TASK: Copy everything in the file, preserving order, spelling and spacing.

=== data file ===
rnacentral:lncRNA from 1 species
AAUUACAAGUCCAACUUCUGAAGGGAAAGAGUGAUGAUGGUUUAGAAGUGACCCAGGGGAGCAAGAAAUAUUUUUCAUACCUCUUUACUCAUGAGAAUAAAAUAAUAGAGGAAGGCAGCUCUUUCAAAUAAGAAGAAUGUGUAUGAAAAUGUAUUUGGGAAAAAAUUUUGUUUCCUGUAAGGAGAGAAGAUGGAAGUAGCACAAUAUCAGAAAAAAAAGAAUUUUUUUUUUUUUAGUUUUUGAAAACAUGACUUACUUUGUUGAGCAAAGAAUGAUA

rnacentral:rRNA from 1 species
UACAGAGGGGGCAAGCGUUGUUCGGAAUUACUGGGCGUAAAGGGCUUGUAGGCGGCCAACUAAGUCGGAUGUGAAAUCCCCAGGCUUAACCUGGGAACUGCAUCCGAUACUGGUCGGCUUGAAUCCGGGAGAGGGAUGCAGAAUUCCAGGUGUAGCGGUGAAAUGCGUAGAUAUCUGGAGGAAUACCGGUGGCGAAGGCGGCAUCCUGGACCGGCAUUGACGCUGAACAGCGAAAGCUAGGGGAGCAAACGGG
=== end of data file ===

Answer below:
rnacentral:lncRNA from 1 species
AAUUACAAGUCCAACUUCUGAAGGGAAAGAGUGAUGAUGGUUUAGAAGUGACCCAGGGGAGCAAGAAAUAUUUUUCAUACCUCUUUACUCAUGAGAAUAAAAUAAUAGAGGAAGGCAGCUCUUUCAAAUAAGAAGAAUGUGUAUGAAAAUGUAUUUGGGAAAAAAUUUUGUUUCCUGUAAGGAGAGAAGAUGGAAGUAGCACAAUAUCAGAAAAAAAAGAAUUUUUUUUUUUUUAGUUUUUGAAAACAUGACUUACUUUGUUGAGCAAAGAAUGAUA

rnacentral:rRNA from 1 species
UACAGAGGGGGCAAGCGUUGUUCGGAAUUACUGGGCGUAAAGGGCUUGUAGGCGGCCAACUAAGUCGGAUGUGAAAUCCCCAGGCUUAACCUGGGAACUGCAUCCGAUACUGGUCGGCUUGAAUCCGGGAGAGGGAUGCAGAAUUCCAGGUGUAGCGGUGAAAUGCGUAGAUAUCUGGAGGAAUACCGGUGGCGAAGGCGGCAUCCUGGACCGGCAUUGACGCUGAACAGCGAAAGCUAGGGGAGCAAACGGG